Boeing hoped 2024 would be the year it would significantly increase production of its popular Max jets. But less than a month into the year, the company is struggling to reassure airline customers that it will still be able to deliver on its promises.
That’s because the Federal Aviation Administration on Wednesday said it would limit the plane maker’s output until it was confident in Boeing’s quality control practices. That announcement came about three weeks after a panel blew off a Boeing 737 Max 9 body shortly after takeoff, terrifying passengers on an Alaska Airlines flight and forcing the pilots to make an emergency landing at the Portland International Airport in Oregon. Almost immediately, the F.A.A. grounded some Max 9s.
Since then, details have emerged about the jet’s production at Boeing’s facility in Renton, Wash., that have intensified scrutiny of the company’s quality control. Boeing workers opened and then reinstalled the panel about a month before the plane was delivered to Alaska Airlines.
The directive is another setback for Boeing, which had been planning to increase production of its Max plane series to more than 500 this year, from about 400 last year. It also planned to add another assembly line at a factory in Everett, Wash., a major Boeing production hub north of Seattle.
As part of the F.A.A.’s announcement on Wednesday, it also approved inspection and maintenance procedures for the Max 9. Airlines can return the jets to service once they have followed those instructions. United Airlines said on Thursday it would resume flying some of those planes as early as Friday.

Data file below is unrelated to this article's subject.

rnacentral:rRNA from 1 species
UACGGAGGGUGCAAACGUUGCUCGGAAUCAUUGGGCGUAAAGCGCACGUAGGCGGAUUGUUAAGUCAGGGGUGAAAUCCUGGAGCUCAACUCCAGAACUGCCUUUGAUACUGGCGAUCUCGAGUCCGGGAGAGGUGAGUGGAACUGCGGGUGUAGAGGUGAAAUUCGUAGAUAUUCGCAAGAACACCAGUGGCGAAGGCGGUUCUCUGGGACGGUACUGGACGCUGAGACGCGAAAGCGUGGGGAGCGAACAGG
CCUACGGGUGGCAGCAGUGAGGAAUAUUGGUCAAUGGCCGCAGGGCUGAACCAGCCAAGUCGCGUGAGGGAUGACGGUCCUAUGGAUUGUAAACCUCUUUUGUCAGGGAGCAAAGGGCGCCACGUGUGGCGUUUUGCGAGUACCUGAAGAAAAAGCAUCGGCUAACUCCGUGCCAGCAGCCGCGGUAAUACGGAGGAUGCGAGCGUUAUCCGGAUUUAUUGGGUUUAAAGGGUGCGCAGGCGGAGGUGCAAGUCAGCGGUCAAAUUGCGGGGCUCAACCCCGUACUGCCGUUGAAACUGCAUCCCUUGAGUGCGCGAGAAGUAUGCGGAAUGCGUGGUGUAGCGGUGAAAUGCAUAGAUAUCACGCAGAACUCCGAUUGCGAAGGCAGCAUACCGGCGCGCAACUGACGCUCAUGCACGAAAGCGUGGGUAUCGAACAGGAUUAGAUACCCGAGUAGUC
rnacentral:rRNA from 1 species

The move is another potential blow to airlines. Even though demand for flights came roaring back after pandemic lockdowns and travel restrictions eased, the airlines have not been able to take full advantage of that demand. The companies have not been able to buy enough planes or hire enough pilots, flight attendants and other workers they need to operate flights. A surge in the cost of jet fuel after Russia invaded Ukraine also hurt profits.
Many airline executives are now assessing how the F.A.A. order would affect plans for their fleets for the next decade — or longer.
When they were introduced, the narrow-body, fuel-efficient planes were supposed to help the manufacturer compete with Airbus, which has pulled way ahead of Boeing in sales. But the Max series has been plagued by mechanical and safety issues, including two crashes in 2018 and 2019 that…